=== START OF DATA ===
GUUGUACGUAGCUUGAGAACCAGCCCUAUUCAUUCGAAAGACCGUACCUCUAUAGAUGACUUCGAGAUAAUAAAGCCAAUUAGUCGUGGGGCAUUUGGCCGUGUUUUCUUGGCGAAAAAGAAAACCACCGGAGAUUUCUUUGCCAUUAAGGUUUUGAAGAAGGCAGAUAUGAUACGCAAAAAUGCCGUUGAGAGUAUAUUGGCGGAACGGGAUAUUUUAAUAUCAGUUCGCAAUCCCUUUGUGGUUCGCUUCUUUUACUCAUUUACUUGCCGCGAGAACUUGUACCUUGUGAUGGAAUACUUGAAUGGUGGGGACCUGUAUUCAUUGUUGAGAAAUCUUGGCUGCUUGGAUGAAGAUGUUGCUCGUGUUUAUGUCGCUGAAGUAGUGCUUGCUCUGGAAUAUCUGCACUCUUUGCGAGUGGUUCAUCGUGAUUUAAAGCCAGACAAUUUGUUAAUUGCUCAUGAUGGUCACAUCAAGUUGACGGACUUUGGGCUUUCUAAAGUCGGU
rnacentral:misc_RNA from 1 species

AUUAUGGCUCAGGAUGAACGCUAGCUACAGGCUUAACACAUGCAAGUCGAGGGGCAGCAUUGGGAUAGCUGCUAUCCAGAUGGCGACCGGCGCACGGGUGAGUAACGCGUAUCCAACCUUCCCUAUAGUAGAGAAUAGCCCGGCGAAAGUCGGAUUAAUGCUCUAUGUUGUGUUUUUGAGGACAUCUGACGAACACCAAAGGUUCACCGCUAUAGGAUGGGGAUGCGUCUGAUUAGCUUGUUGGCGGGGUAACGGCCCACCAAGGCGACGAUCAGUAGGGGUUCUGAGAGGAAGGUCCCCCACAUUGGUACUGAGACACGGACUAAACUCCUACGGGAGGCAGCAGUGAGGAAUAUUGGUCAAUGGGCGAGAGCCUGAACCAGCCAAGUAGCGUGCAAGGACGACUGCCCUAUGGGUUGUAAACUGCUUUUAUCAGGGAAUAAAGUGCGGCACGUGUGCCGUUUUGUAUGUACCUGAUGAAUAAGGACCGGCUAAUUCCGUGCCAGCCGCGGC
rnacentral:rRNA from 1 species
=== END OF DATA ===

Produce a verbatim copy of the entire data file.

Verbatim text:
GUUGUACGUAGCUUGAGAACCAGCCCUAUUCAUUCGAAAGACCGUACCUCUAUAGAUGACUUCGAGAUAAUAAAGCCAAUUAGUCGUGGGGCAUUUGGCCGUGUUUUCUUGGCGAAAAAGAAAACCACCGGAGAUUUCUUUGCCAUUAAGGUUUUGAAGAAGGCAGAUAUGAUACGCAAAAAUGCCGUUGAGAGUAUAUUGGCGGAACGGGAUAUUUUAAUAUCAGUUCGCAAUCCCUUUGUGGUUCGCUUCUUUUACUCAUUUACUUGCCGCGAGAACUUGUACCUUGUGAUGGAAUACUUGAAUGGUGGGGACCUGUAUUCAUUGUUGAGAAAUCUUGGCUGCUUGGAUGAAGAUGUUGCUCGUGUUUAUGUCGCUGAAGUAGUGCUUGCUCUGGAAUAUCUGCACUCUUUGCGAGUGGUUCAUCGUGAUUUAAAGCCAGACAAUUUGUUAAUUGCUCAUGAUGGUCACAUCAAGUUGACGGACUUUGGGCUUUCUAAAGUCGGU
rnacentral:misc_RNA from 1 species

AUUAUGGCUCAGGAUGAACGCUAGCUACAGGCUUAACACAUGCAAGUCGAGGGGCAGCAUUGGGAUAGCUGCUAUCCAGAUGGCGACCGGCGCACGGGUGAGUAACGCGUAUCCAACCUUCCCUAUAGUAGAGAAUAGCCCGGCGAAAGUCGGAUUAAUGCUCUAUGUUGUGUUUUUGAGGACAUCUGACGAACACCAAAGGUUCACCGCUAUAGGAUGGGGAUGCGUCUGAUUAGCUUGUUGGCGGGGUAACGGCCCACCAAGGCGACGAUCAGUAGGGGUUCUGAGAGGAAGGUCCCCCACAUUGGUACUGAGACACGGACUAAACUCCUACGGGAGGCAGCAGUGAGGAAUAUUGGUCAAUGGGCGAGAGCCUGAACCAGCCAAGUAGCGUGCAAGGACGACUGCCCUAUGGGUUGUAAACUGCUUUUAUCAGGGAAUAAAGUGCGGCACGUGUGCCGUUUUGUAUGUACCUGAUGAAUAAGGACCGGCUAAUUCCGUGCCAGCCGCGGC
rnacentral:rRNA from 1 species